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The Not-Quite-Insolvent Estate

An insolvent estate is one that doesn't have enough assets to pay creditors in full. But what about the estate where all of the assets have specific beneficiary designations and yet there are bills to pay?

Helen Modly and Tommie Monez, 08/11/2011

The wills and trusts are in place, assets have been reregistered, and beneficiary designations have been updated. There are sufficient assets to cover outstanding bills and final expenses. There is a prepaid funeral that covers everything from buying the cemetery plot to the angels adorning the casket, and there was even a family meeting to discuss the final arrangements. Nothing has been left to chance. So what could go wrong? Plenty.

Estate planning is a complicated business and sometimes it's easy to mess up even the simplest of situations. Take a recent example from one of our clients. Her widowed stepmother had asked our client to be executor of her modest estate. It seemed simple enough. There were some savings accounts, one stock in a publicly traded company, and a small home that was paid off. The funeral was prepaid and there was no debt. But as it turned out, there was zero liquidity when the client's stepmother died.

It is not uncommon for liquidity problems to occur when there is no surviving spouse. At the first death, there are usually assets that are readily accessible to the survivor, plus ongoing Social Security and pension income. When a single client or surviving spouse dies, there can be serious cash-flow problems. 

The Transfer-on-Death Trap
Transfer on death, or TOD, is a way of designating beneficiaries to receive your assets upon your death without having to go through probate. Also referred to as pay on death, TOD is available for most bank accounts, money markets, and brokerage accounts. As an advisor, you might recommend to a client that they have a TOD on any accounts held outside of their living trust, naming their living trust as the beneficiary, so that at death, those accounts transfer directly into the trust without probate.

The TOD provisions can cause unanticipated problems, though, if not fully understood. For example, suppose your client chooses to name one of her children as beneficiary of an account using a TOD, thinking that the child will have money to pay bills after her death. The money in the account goes directly to the child, not divided equally among all her children, as her will stipulates. If only illiquid assets go into her estate, there could be a serious problem if the child takes the money and runs.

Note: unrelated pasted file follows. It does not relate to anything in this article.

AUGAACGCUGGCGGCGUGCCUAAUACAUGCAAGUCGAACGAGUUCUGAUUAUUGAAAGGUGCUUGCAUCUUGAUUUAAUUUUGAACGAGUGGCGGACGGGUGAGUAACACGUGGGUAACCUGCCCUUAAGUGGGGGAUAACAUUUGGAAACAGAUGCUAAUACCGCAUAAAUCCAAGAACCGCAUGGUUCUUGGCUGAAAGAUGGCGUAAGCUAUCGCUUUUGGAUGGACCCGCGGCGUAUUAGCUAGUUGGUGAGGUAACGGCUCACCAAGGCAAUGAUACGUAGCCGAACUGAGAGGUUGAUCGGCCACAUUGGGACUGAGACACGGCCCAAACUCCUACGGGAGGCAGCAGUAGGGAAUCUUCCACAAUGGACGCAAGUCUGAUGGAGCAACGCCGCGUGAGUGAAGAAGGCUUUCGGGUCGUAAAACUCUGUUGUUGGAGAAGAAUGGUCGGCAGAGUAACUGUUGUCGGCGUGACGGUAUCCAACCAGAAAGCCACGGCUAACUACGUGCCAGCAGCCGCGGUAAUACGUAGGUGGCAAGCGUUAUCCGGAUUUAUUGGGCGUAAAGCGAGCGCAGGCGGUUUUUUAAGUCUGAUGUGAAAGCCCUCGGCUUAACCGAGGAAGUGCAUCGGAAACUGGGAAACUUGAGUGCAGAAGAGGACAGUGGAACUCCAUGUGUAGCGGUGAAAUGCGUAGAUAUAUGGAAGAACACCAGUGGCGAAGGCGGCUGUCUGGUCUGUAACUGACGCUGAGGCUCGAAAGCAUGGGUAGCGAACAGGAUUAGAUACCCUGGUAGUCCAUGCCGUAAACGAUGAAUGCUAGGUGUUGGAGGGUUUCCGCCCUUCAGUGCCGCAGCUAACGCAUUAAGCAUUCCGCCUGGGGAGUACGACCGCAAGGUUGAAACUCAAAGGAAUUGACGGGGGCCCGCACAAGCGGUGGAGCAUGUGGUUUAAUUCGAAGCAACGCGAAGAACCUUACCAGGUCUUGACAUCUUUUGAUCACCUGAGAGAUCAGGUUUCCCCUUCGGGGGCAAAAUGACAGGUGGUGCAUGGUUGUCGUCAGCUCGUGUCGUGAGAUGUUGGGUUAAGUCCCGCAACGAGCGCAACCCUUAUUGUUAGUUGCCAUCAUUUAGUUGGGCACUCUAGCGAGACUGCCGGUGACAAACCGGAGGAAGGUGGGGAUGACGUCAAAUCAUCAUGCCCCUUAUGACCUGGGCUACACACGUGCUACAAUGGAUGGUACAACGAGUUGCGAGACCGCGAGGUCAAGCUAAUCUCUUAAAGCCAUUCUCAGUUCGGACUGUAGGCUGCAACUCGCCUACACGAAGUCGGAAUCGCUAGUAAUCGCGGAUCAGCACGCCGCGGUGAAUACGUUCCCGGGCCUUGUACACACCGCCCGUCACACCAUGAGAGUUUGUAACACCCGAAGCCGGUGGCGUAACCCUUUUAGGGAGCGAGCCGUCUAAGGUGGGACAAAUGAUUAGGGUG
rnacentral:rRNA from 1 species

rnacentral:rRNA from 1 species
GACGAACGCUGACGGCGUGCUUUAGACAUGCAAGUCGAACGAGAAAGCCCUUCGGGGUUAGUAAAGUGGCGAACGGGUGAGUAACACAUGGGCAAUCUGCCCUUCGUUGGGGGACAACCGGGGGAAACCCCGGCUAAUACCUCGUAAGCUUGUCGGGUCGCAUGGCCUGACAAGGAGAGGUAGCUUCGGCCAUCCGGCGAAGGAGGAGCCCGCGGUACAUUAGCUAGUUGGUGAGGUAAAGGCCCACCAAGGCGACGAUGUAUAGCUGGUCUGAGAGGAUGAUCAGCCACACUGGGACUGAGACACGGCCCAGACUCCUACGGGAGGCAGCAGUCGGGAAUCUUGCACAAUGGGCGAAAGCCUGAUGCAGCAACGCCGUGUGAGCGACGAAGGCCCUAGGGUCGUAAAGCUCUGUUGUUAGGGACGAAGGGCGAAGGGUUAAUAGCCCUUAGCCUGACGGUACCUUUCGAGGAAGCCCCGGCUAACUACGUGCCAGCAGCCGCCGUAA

This is what happened to our client's stepmother. She originally had a trust account at a bank which was moved to a new relationship at a credit union that included certificates of deposit, a savings account, and a checking account. With the best of intentions she had opted for an individual account with designated beneficiaries instead of using her revocable trust registration. The pay-on -death designation even applied to the checking account. To make matters worse, the shares of stock also had a TOD designation. That left zero cash for the executor to use for bill paying.  

Other Liquidity Problems
The situation with the house was sticky, too. Rather than retaining the house as an asset of the estate, with the proceeds available to pay debts before being distributed to the beneficiaries, the estate documents stipulated that the house itself would be inherited by four individuals in equal shares. All parties would have a say in choosing a realtor, setting the selling price, and deciding on needed repairs and maintenance. The possibilities for conflict were endless. Not only did these decisions require consensus, there was no available cash to pay for ongoing upkeep of the house through the date of sale.

With the sale of the house potentially several months away, the expenses were adding up fast. The prepaid funeral ended up costing more than $1,000, the estate attorney and expenses associated with transferring property ownership came to more than $5,000, and the costs for cleaning out and maintaining the house continued to mount.

As a result of the liquidity issues, our client considered refusing to accept the executor position but as there was no contingent executor named, the only alternative would be having the court appoint a personal representative, which was also expensive.  

After much discussion, the beneficiaries of the house agreed to share expenses based on their ability to pay (yet another touchy subject). The executor volunteered to personally cover the expenses, providing the other beneficiaries agreed that all expenses would be reimbursed prior to division of the proceeds from the home sale. This was a formal document signed by all parties. The estate attorney also agreed to be paid at the real estate closing. This is a great outcome, as many families don't work this well together and many simply do not have the means to cover costs. Late charges, liens, and cancellation of basic services can result and ultimately diminish the value of the property. 

Periodic Estate Plan Review
Adding a periodic estate plan review to client meetings can head off problems that can creep in over time when clients add assets and accounts that are not registered properly. The transfer-on-death and pay-on-death designations for bank accounts are very tempting to choose, since then those assets will pass outside of probate. But like the case of our client, leaving real estate to be sold with no money to support it can create a difficult situation for the executor.

Clients who take the time and effort to create estate plans do so for their heirs. They will be appreciative of your proactive efforts to reduce the burden on their survivors, especially when those burdens can easily be planned away.

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